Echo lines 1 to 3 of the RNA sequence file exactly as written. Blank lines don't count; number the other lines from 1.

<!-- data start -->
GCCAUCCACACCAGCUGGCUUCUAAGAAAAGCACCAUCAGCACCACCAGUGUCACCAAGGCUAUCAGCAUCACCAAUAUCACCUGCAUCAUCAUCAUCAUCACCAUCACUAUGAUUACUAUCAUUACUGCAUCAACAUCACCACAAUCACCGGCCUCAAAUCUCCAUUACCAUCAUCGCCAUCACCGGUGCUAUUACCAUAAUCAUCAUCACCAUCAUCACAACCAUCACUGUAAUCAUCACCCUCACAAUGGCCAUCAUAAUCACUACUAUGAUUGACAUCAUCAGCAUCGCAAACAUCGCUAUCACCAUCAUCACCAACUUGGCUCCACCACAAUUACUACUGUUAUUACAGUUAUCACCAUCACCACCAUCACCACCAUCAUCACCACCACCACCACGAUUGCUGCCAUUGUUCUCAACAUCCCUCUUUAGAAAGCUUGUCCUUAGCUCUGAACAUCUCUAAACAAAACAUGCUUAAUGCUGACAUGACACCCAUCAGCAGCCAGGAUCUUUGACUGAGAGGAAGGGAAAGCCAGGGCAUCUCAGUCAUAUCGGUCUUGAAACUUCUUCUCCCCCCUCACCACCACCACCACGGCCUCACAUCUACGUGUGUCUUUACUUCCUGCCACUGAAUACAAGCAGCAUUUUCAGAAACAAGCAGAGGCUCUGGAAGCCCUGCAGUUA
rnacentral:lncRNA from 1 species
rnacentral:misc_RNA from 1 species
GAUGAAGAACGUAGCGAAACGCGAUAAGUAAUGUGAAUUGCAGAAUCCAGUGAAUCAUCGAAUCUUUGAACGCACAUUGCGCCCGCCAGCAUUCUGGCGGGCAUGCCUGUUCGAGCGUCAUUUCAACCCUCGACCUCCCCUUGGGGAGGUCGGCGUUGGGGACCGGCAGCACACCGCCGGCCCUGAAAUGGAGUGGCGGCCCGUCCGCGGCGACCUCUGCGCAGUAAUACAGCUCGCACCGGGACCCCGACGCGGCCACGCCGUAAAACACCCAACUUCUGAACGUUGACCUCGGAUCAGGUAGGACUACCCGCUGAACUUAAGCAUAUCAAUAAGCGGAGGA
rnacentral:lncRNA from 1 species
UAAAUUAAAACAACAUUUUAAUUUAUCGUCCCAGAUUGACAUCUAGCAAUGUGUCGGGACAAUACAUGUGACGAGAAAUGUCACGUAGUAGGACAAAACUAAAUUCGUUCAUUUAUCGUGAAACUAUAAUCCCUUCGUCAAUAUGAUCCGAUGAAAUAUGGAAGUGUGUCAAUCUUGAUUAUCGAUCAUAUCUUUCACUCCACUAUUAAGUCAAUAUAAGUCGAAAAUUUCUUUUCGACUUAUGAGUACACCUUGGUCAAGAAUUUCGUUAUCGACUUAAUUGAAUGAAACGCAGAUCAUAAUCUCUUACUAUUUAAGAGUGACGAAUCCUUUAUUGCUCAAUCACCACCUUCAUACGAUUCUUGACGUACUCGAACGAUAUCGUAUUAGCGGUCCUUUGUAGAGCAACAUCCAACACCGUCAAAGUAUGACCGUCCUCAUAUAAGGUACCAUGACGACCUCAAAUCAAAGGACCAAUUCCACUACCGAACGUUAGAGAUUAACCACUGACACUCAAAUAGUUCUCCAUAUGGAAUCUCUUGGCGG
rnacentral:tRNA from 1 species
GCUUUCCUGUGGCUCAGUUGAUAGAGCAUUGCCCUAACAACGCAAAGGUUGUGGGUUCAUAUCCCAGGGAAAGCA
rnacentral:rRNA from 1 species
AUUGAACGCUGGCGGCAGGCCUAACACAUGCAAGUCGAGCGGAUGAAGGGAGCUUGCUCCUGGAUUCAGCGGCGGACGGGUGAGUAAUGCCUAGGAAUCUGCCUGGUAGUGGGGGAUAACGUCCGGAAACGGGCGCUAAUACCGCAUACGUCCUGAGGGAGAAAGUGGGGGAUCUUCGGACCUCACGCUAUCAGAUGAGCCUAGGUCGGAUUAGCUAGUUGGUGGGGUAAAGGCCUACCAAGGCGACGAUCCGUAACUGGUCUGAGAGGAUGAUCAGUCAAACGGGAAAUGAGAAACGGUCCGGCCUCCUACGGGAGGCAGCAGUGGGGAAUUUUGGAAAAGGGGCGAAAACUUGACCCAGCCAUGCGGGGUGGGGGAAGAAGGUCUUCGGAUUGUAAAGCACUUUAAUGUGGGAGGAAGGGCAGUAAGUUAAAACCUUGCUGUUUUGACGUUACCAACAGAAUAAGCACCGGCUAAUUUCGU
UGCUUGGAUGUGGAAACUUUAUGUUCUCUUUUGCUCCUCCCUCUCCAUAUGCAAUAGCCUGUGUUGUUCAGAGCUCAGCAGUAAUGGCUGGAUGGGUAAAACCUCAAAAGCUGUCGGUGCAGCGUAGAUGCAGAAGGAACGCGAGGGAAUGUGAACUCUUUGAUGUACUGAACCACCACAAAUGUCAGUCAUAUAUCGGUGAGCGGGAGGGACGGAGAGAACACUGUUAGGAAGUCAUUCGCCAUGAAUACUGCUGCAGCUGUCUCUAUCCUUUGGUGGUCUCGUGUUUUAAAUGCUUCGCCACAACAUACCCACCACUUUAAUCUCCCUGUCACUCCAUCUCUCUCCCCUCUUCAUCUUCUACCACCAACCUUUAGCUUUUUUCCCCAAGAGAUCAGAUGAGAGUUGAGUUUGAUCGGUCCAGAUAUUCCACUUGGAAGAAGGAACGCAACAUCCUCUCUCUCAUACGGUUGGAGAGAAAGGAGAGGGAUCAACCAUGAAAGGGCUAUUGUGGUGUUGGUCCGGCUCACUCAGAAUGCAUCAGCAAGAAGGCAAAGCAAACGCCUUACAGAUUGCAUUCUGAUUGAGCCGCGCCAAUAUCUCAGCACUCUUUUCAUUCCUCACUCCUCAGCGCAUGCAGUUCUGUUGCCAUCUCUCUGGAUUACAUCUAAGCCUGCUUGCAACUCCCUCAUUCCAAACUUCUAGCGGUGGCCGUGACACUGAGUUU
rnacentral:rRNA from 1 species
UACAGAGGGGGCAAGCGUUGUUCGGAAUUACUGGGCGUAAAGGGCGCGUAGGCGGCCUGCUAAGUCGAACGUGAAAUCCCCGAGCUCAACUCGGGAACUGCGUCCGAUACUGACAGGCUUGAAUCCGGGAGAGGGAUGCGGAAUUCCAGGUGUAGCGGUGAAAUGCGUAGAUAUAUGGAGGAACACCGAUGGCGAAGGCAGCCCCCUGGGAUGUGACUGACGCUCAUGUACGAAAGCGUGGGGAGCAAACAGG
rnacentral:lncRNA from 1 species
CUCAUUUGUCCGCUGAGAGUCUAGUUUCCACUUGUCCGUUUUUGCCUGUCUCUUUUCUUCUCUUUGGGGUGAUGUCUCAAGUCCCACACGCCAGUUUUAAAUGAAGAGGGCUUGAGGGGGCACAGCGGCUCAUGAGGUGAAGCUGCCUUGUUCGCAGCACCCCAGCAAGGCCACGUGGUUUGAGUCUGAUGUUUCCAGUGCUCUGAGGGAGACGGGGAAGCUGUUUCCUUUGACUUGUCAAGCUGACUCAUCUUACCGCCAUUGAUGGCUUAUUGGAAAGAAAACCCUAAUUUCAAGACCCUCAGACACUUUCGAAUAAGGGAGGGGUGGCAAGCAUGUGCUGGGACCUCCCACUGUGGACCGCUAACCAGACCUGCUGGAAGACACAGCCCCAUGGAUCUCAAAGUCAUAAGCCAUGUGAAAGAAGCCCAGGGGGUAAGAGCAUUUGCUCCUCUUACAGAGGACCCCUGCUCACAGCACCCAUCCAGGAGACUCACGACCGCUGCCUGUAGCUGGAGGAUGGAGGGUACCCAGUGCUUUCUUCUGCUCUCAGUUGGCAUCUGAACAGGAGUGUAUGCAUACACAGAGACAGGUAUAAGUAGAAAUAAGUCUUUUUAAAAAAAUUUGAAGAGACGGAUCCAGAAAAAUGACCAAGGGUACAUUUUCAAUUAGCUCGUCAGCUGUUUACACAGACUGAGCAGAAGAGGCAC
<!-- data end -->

GCCAUCCACACCAGCUGGCUUCUAAGAAAAGCACCAUCAGCACCACCAGUGUCACCAAGGCUAUCAGCAUCACCAAUAUCACCUGCAUCAUCAUCAUCAUCACCAUCACUAUGAUUACUAUCAUUACUGCAUCAACAUCACCACAAUCACCGGCCUCAAAUCUCCAUUACCAUCAUCGCCAUCACCGGUGCUAUUACCAUAAUCAUCAUCACCAUCAUCACAACCAUCACUGUAAUCAUCACCCUCACAAUGGCCAUCAUAAUCACUACUAUGAUUGACAUCAUCAGCAUCGCAAACAUCGCUAUCACCAUCAUCACCAACUUGGCUCCACCACAAUUACUACUGUUAUUACAGUUAUCACCAUCACCACCAUCACCACCAUCAUCACCACCACCACCACGAUUGCUGCCAUUGUUCUCAACAUCCCUCUUUAGAAAGCUUGUCCUUAGCUCUGAACAUCUCUAAACAAAACAUGCUUAAUGCUGACAUGACACCCAUCAGCAGCCAGGAUCUUUGACUGAGAGGAAGGGAAAGCCAGGGCAUCUCAGUCAUAUCGGUCUUGAAACUUCUUCUCCCCCCUCACCACCACCACCACGGCCUCACAUCUACGUGUGUCUUUACUUCCUGCCACUGAAUACAAGCAGCAUUUUCAGAAACAAGCAGAGGCUCUGGAAGCCCUGCAGUUA
rnacentral:lncRNA from 1 species
rnacentral:misc_RNA from 1 species